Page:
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Fringe Review: As Rome Burns

By Barbara Popel on June 19, 2016

63 min | Drama | Mature

Nicholas Dave Amott’s new play, As Rome Burns, is about the rehearsal of a play concocted by the mad emperor Nero. His play is about his imperial family’s history and himself. It’s being rehearsed by a few of his loyal slaves in the home of a Christian slave whom Nero has freed. Nero is hiding there from the Praetorian Guard and the Roman populace, who are bent on assassinating him. Nero (smoothly played by Amott) is certain that if he can appeal to his people’s ability to see beauty and truth by presenting this play, he’ll deflect their anger against him. “My performance is my final appeal,” he says. He is, of course, deluded in this belief, but the play-within-a-play and his interactions with the slaves provide ample opportunity to reveal Nero’s madness.

There are many notable aspects of this very professional production.

The director, Brennan Richardson, has garnered uniformly excellent performances from the cast of five: Amott (Nero), Sam Dietrich (the eunuch Sporus), Lawrence Evenchick (Claudius and Seneca), Victoria Luloff (Nero’s mother Agrippina and his wife Poppeaea Sabina), and Brennan Richardson (Phaon and Marcus Salvius Otho). The actors who are playing multiple roles (including roles within Nero’s biographical play) are adept at character transitions. Though all the actors were praiseworthy, I’d like to single out Evenchick. He is commanding and credible as the Stoic philosopher and Nero’s tutor/advisor, Seneca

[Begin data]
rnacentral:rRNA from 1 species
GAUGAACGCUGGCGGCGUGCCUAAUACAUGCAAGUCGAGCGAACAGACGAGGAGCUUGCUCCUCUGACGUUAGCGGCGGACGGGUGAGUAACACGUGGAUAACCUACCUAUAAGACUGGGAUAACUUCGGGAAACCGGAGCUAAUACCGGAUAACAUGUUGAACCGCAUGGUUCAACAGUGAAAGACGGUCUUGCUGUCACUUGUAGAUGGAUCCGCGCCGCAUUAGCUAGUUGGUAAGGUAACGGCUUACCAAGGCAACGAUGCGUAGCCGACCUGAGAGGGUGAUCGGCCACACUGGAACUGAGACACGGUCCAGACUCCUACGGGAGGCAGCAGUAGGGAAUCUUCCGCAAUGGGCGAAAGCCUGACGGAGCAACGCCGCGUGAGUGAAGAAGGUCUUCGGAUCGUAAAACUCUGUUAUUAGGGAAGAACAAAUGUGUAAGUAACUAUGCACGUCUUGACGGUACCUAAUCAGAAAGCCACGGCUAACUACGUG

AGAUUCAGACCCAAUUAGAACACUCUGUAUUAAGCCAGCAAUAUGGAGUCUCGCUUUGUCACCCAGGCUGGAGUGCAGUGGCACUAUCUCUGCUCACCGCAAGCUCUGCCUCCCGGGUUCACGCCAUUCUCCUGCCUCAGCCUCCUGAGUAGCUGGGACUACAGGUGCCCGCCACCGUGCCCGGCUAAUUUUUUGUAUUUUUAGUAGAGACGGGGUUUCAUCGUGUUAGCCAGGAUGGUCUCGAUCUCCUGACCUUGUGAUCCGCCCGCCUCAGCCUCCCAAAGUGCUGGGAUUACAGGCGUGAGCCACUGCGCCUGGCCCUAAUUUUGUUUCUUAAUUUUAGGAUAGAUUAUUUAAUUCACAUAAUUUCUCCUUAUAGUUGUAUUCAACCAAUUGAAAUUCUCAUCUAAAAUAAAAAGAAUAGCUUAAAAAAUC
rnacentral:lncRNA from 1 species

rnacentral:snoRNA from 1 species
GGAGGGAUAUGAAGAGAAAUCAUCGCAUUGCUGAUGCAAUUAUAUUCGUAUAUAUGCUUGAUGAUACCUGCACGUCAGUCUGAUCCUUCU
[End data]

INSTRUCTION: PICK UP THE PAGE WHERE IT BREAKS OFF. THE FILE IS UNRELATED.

Beautiful simple masks (designed by Brennan Richardson), costumes (Maureen Russell and Richardson again), and make-up (Annie Lefebvre) all complement the actors’ skills.

The brief fight scenes with real looking swords are thrilling and believable. Kudos to Brennan Richardson, the fight master.

Glenn Worton’s simple set is effective. It is augmented by Amott’s sound design and Rachel Worton’s lighting and stage management.

All these theatrical aspects work well to support a sometimes histrionic (this is, after all, Nero) reveal of the tortured personality of one of the most infamous tyrants and egoists in history. Nero says, for example, that the duty of a leader is to “make it better or at least make it pretty.” Bread and circuses, indeed. Is Seneca right when he says, “There is no greatness without some madness”?

In all, As Rome Burns is a fascinating, polished drama that is well worth seeing.

As Rome Burns by Nicholas Dave Amott is playing in Studio Leonard-Beaulne on Saturday June 18 at 9:30pm; Sunday June 19 at 1:00pm; Wednesday, June 22 at 11:00pm; Friday June 24 at 8:30pm; Sunday June 26 at 3:30pm. Tickets $12.